All that changed after Resul Pookutty bagged an Oscar nomination in the Best Sound Mixing category for his work on Slumdog Millionaire.
Resul's ascent to the Academy Awards was not easy. He tells rediff.com's Patcy N about his journey from his village, Vilakkupaara in Kerala, to the Kodak theatre in Los Angeles, venue for the Oscars ceremony.
How does it feel to be nominated at the Oscars as well as the BAFTAs?
I can't believe it! I can't believe the nomination is real. It's incredible.
In India, technicians often do not get so much recognition. Do you think this nomination will change all that?
I hope so. It is very sad that we technicians are looked down upon. But I would like to see the good side instead.
What feedback did you get?
Incredible would be a mild word. I can't put into words the kind of response I got for this film. Rani Mukerji called and screamed with joy. 'Incredible, way to go!' she said. All this is very touching for me.
Are you going to Los Angeles for the Oscar ceremony?
Tell us about yourself.
I come from a small village called Vilakkupaara in Quilon district, Kerala. I have always wanted to become a filmmaker, but I could not get admission to the FTII (Film and Television Institute of India) to learn direction, as it's a very competitive field.
I wanted to get into a film institute, because there, you can learn everything about filmmaking. I was a physics graduate so I chose sound as my subject to get admission. Once I started learning about sound, I was sure that this is what I wanted to do, as this is a means of communicating with your audience.
What is sound designing exactly?
The camera gives you an idea about the visual aspects of the film; we do the same with audio. A film's soundtrack is an amalgamation of different kinds of sound like dialogues, the ambience, sound effects and music. As sound designers, we put all this together in such a way that it gives the audience a perfect experience.
If we want to scare the audience or leave them spellbound in their seats, we use sound accordingly.
How do you produce the sound?
We use many things to produce sound. If a door is being slammed in the film, it's not necessary that we use the same instruments to make sound. We are constantly looking for new things to produce sounds.
Sound recording in India is different from abroad. Here, we first shoot the scenes and then record the sound in the studio. But there, they always have sync sound. The technology used there is very far evolved too.
Recently, we have started recording on location with Lagaan and Black. That gives you a far superior and natural sound. Hindi movies have started getting a global market, where they are pit against the best of Hollywood and European movies. Now filmmakers have to use better quality sound in their movies.
Why didn't you work in the Malayalam film industry?
There wasn't much happening in the Malayalam film industry. Besides, the Malayalam film industry works out of Chennai, and I was in Tiruvanthapuram. I thought it would be better to work out of Mumbai, as I wanted to specialise in live sound, and nothing was happening in this field in the southern film industry.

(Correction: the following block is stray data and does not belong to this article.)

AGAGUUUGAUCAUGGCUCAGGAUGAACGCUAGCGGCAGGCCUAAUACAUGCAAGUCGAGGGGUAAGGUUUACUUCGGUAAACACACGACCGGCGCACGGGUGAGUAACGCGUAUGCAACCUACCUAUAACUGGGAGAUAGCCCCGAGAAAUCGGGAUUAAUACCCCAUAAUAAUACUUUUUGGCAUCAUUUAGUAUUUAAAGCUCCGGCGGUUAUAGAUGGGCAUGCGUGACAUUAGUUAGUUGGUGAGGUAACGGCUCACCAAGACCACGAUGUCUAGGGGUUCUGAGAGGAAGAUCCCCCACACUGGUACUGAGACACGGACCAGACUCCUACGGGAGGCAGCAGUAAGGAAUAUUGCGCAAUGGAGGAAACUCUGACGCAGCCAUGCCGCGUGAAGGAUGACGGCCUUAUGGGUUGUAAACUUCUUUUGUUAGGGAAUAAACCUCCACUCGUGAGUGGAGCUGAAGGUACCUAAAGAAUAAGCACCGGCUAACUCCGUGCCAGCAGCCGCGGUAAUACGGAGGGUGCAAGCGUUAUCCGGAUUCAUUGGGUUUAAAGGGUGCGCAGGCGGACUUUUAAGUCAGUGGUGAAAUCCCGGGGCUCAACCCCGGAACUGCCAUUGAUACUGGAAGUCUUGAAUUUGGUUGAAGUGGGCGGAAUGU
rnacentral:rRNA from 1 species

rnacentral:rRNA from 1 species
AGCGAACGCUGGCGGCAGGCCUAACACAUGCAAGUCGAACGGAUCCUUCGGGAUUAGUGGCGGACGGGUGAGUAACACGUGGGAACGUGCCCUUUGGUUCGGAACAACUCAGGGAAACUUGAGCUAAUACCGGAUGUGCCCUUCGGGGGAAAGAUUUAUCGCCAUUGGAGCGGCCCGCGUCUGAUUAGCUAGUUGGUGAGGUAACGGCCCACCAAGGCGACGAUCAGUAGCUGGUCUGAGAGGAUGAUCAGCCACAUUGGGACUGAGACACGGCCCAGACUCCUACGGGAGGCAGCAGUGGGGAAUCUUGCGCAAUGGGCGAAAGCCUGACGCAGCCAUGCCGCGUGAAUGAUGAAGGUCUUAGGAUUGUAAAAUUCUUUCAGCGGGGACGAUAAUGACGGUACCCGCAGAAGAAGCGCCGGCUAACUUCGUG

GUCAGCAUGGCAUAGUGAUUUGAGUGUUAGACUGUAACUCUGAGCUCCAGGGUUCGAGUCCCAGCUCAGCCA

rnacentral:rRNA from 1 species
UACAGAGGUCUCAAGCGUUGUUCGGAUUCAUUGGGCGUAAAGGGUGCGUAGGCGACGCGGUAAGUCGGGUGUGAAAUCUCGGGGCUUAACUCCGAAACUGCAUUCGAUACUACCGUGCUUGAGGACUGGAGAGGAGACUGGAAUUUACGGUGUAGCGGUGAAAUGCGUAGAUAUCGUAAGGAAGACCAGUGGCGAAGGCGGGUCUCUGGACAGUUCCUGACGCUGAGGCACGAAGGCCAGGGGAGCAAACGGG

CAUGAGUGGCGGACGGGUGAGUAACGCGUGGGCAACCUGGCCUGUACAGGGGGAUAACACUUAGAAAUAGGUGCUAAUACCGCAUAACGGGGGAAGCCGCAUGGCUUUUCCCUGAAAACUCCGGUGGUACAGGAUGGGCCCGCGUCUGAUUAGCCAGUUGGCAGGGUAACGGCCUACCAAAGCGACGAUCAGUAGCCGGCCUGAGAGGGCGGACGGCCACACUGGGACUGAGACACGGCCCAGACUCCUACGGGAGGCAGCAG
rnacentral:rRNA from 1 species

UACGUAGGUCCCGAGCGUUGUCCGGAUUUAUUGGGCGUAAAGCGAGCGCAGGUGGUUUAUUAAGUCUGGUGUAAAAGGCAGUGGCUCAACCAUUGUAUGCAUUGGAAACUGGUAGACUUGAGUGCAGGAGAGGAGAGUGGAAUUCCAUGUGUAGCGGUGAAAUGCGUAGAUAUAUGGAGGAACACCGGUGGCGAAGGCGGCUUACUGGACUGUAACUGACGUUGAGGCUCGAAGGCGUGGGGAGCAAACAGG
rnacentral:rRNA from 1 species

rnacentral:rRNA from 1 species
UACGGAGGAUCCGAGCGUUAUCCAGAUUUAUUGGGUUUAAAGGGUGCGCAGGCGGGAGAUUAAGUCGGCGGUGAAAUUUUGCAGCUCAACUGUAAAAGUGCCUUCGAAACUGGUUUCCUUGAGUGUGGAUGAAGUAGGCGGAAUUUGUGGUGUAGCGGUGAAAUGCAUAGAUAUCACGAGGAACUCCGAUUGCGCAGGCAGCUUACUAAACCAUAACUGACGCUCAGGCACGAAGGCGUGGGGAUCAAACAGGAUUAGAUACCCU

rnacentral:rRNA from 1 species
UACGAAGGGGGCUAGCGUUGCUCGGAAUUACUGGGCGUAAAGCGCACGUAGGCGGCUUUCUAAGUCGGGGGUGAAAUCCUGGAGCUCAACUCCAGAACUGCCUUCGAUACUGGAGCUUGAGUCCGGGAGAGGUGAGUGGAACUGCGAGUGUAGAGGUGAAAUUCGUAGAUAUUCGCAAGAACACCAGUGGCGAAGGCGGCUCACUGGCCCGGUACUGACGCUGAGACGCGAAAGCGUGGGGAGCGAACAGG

When I came to Mumbai, the television industry was going through a good phase. They had started shooting in sync sound to cut down time on dubbing. So I started with television. Then I got offers to work in low-budget films made by talented filmmakers.
Rajat Kapoor was making a film called Private Detective and Vikram Joglekar was to be the sound recordist for that. He could not do it, and since I was assisting him, I came on board. I was 23 years old then.
That was a big learning experience, as Rajat knew much more than I did about sound.
Then other films happened like Split Wide Open, Snip, Everybody Says I'm Fine... I started enjoying working with directors, who were making movies on new genres. Boom was my first commercial film but it flopped. After that, I did Raghu Romeo, Matrubhoomi, Kyon...! Ho Gaya Na, Musafir and Amu.
Black was a benchmark in sound, and the credit goes to Sanjay Leela Bhansali.
How did Slumdog Millionaire happen?
Amu was very well received abroad. The line producers of Slumdog --Tabrez Noorani and Paresh Sahani -- saw my work and contacted me. That's how I was on.
What made you say yes?
It's called destiny.
When I was a student at FTII, I had a poster of Danny Boyle's film Trainsporting in my room. So when I learnt that Danny Boyle was making Slumdog, I did not have to think. I had to jump into it.
What was the experience like?
An incredible journey, a learning process. Or rather, a lot of unlearning.
Danny is such a big director, and he worked in the most untraditional way. Traditionally, a film is shot with one camera. But Danny shot it with at least five. Sometimes, he would have the video camera on, along with film and digital cameras. He was mixing the mediums because he wanted to capture the life of Mumbai. He wanted it to be perfect, no matter how many cameras were needed.
I had to unlearn everything to meet the demands of the film.
Emotionally, it was very frustrating to work in the given conditions. It's a hugely challenging film, one of the most difficult films I have ever done.
There were three sound designers on this project -- Richard Pryke, Ian Tapp and you. How did the three of you work?
I worked on the on-location recording. Richard and Ian did the final cut -- the recorded portions, plus music. They mixed the film together in the studio. The common link between them and me was another sound designer, Glen Freemantle. He saw to it that everything was perfect. Glen has done a great job on Danny Boyle's Sunshine.
What are your forthcoming films?
I have three Hindi films in hand -- with Rajat Kapoor, Saurabh Shukla and Sharat Kataria (the dialogue writer of Bheja Fry). Plus, one Hollywood film based in India.